Thyristor-Controlled Series Compensation (TCSC) is used in power systems to dynamically control the reactance of a transmission line in order to provide sufficient load compensation. The benefits of TCSC are seen in its ability to control the amount of compensation of a transmission line, and in its ability to operate in different modes. These traits are very desirable since loads are constantly changing and cannot always be predicted.
TCSC designs operate in the same way as Fixed Series Compensation, but provide variable control of the reactance absorbed by the capacitor device. The basic structure of a TCSC can be seen below:
A thyristor-controlled series compensator is composed of a series capacitance which has a parallel branch including a thyristor-controlled reactor.
TCSC operates in different modes depending on when the thyristors for the inductive branch are triggered. The modes of operation are as listed:
- Blocking mode: Thyristor valve is always off, opening inductive branch, and effectively causing the TCSC to operate as FSC
- Bypass mode: Thyristor valve is always on, causing TCSC to operate as capacitor and inductor in parallel, reducing current through TCSC
- Capacitive boost mode: Forward voltage thyristor valve is triggered slightly before capacitor voltage crosses zero to allow current to flow through inductive branch, adding to capacitive current. This effectively increases the observed capacitance of the TCSC without requiring a larger capacitor within the TCSC.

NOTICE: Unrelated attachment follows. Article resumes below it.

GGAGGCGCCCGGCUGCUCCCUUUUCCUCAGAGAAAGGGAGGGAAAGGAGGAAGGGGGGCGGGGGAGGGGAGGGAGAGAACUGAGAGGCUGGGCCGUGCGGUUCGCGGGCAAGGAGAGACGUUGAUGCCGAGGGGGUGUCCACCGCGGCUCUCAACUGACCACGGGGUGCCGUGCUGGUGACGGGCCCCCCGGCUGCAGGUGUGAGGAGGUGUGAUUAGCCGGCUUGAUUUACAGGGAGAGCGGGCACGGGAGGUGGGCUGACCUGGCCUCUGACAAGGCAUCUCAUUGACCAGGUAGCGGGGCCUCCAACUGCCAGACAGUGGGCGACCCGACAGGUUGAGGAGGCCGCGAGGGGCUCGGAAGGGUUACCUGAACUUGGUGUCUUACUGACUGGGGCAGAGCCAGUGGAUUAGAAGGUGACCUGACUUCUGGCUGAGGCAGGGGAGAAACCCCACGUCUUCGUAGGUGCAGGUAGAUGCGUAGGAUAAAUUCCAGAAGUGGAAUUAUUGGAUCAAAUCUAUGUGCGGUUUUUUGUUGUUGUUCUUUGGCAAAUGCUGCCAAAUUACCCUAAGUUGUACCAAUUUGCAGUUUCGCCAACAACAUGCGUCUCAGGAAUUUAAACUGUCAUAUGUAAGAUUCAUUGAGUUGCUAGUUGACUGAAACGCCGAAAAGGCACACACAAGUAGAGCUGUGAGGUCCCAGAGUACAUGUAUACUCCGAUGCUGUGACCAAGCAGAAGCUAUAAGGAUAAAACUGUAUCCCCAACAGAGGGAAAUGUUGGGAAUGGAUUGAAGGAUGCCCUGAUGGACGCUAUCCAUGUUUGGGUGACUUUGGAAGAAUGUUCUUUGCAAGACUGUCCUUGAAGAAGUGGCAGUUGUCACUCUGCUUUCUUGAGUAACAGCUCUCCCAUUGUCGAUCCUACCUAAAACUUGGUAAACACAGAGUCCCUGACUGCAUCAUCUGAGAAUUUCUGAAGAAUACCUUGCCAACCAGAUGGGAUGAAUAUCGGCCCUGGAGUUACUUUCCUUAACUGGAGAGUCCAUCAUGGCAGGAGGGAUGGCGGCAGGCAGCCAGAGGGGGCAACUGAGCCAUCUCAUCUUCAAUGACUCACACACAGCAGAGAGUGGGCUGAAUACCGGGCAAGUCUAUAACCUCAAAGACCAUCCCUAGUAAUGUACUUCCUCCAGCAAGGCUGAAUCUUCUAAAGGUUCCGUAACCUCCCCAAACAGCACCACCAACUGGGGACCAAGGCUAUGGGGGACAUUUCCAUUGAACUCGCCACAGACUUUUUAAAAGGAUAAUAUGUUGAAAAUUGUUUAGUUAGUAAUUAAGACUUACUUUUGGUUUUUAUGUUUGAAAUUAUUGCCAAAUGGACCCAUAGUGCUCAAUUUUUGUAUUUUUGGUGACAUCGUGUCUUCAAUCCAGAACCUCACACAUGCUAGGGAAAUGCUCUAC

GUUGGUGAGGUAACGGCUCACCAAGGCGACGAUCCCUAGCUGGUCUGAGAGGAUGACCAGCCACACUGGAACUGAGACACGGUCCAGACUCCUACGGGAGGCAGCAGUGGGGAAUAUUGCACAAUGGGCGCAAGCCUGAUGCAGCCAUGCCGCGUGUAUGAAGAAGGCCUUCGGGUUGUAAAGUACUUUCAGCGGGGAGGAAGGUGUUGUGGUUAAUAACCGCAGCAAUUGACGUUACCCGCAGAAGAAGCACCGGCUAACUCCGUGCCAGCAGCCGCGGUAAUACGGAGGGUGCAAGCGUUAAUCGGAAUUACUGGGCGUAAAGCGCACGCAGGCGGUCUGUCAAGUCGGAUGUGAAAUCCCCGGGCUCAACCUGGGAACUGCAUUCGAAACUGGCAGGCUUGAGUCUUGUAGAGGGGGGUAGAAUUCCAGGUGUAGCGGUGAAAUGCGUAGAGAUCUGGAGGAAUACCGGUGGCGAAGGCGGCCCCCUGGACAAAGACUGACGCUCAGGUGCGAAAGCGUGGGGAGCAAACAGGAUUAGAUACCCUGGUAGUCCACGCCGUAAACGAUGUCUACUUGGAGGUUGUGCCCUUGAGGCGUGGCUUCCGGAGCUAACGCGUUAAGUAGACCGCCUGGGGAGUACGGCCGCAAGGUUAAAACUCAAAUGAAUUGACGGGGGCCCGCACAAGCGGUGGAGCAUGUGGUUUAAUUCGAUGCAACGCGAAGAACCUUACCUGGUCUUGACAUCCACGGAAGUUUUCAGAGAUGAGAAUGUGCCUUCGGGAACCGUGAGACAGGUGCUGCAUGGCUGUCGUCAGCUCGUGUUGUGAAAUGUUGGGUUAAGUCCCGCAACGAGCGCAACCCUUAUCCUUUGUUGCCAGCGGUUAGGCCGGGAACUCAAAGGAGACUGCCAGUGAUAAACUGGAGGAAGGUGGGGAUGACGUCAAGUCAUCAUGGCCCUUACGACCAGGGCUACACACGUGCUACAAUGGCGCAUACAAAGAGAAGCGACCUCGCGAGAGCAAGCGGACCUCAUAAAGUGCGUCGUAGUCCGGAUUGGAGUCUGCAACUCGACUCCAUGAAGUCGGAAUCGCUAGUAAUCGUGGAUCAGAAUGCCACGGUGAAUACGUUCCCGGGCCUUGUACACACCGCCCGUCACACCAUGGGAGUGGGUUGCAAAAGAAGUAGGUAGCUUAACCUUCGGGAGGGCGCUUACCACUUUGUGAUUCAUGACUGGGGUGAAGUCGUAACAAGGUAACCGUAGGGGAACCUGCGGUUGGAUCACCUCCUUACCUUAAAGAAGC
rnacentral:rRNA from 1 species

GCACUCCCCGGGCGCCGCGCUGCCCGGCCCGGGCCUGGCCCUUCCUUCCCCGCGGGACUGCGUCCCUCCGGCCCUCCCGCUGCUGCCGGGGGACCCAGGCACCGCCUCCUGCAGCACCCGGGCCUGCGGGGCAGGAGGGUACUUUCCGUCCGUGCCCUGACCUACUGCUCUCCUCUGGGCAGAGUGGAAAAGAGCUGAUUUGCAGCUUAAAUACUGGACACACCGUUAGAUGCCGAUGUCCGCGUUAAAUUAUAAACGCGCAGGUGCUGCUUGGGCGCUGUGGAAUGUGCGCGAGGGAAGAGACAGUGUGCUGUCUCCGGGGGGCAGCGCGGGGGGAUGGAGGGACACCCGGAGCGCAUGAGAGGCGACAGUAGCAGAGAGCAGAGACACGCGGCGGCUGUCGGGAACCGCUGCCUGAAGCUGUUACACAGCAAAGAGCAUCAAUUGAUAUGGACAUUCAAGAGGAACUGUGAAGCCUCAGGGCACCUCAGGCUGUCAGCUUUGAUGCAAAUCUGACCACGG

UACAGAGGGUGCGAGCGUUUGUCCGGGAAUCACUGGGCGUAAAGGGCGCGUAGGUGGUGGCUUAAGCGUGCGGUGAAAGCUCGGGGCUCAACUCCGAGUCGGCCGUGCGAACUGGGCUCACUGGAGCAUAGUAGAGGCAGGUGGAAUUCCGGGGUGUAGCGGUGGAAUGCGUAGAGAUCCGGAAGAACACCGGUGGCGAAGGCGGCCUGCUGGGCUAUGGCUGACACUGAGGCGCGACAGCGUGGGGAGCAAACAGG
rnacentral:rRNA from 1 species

Because of TCSC allowing different operating modes depending on system requirements, TCSC is desired for several reasons. In addition to all of the benefits of FSC, TCSC allows for increased compensation simply by using a different mode of operation, as well as limitation of line current in the event of a fault. A benefit of using TCSC is the damping of sub synchronous resonance
caused by torsional oscillations and inter-area oscillations. The ability to dampen these oscillations is due to the control system controlling the compensator. This results in the ability to transfer more power, and the possibility of connecting the power systems of several areas over
This article was taken from the introduction of a report which was written by a partner and I, submitted to ECE3333: Power Systems I, taught by Professor Rajiv Varma at the University of Western Ontario.